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Top 5 Contagion® News Articles for the Week of October 22, 2017


#3: Synthesizing Biological Threats—A Small Leap From Horsepox to Smallpox

Earlier this summer,  it was announced that a team of Canadian researchers led by virologist David Evans, PhD, had successfully synthesized the horsepox virus. This de novo synthesis was performed within the span of 6 months, utilizing mail-order DNA, $100,000, and “little-specialized knowledge.” What is concerning about this experiment is that it highlights not only the possibility of synthesizing DNA with limited resources in a short window of time but that it involved an orthopoxvirus, horsepox, a close relative of smallpox. This experiment has brought attention not just to the capacity and capabilities for people to do such experiments but also that there were little oversight and safeguards in place to ensure biosecurity and biosafety measures were followed. I will not go into the implications of publishing such methods.

Gregory Koblentz, PhD, MPP, director of George Mason University’s Biodefense graduate program, recently highlighted this experiment as a possible opening of Pandora’s box in terms of such risky research and what it means for the reemergence of smallpox.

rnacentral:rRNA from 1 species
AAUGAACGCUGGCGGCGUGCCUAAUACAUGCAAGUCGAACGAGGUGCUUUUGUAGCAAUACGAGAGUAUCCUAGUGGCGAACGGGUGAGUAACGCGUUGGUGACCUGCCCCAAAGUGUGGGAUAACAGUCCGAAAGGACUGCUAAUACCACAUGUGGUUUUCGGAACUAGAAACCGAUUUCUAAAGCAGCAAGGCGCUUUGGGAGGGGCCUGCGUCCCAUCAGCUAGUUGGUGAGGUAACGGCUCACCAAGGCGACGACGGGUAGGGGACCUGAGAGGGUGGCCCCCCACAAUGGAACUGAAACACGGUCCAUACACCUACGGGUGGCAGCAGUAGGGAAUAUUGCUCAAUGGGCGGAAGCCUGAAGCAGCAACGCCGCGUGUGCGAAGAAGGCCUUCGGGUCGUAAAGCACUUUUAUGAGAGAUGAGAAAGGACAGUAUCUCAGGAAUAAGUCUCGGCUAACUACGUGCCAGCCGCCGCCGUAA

Read more here.

#2: Two New Zika Virus Studies You Need to Know

More information continues to be revealed about the Zika virus as research on a vaccine continues to advance as well. To this end, Penn Medicine investigators recently announced that they have engineered a synthetic DNA-based Zika vaccine able to safely and effectively induce an immune response against the virus, as investigators from the London School of Hygiene & Tropical Medicine have discovered that surveillance for adverse pregnancy outcomes after a Zika outbreak may need to be longer than initially thought.

In the case of the Zika vaccine, investigators from the Perelman School of Medicine at the University of Pennsylvania, in partnership with investigators from the Wistar Institute, Inovio Pharmaceuticals, and GeneOne Life Science, Inc, recently conducted a phase 1 clinical trial that showed “for the first time that humans who received up to 3 doses of a vaccine candidate produced an immune response against Zika with minimal adverse effects, opening the door to further clinical trials for this important vaccine candidate,” according to an official press release on the project.

Read more about the recent Zika studies, here

Influenza A (H3N2) has caused most of the illnesses in this severe flu season, but influenza B is becoming increasingly responsible for more infections as the flu season continues to hit the United States.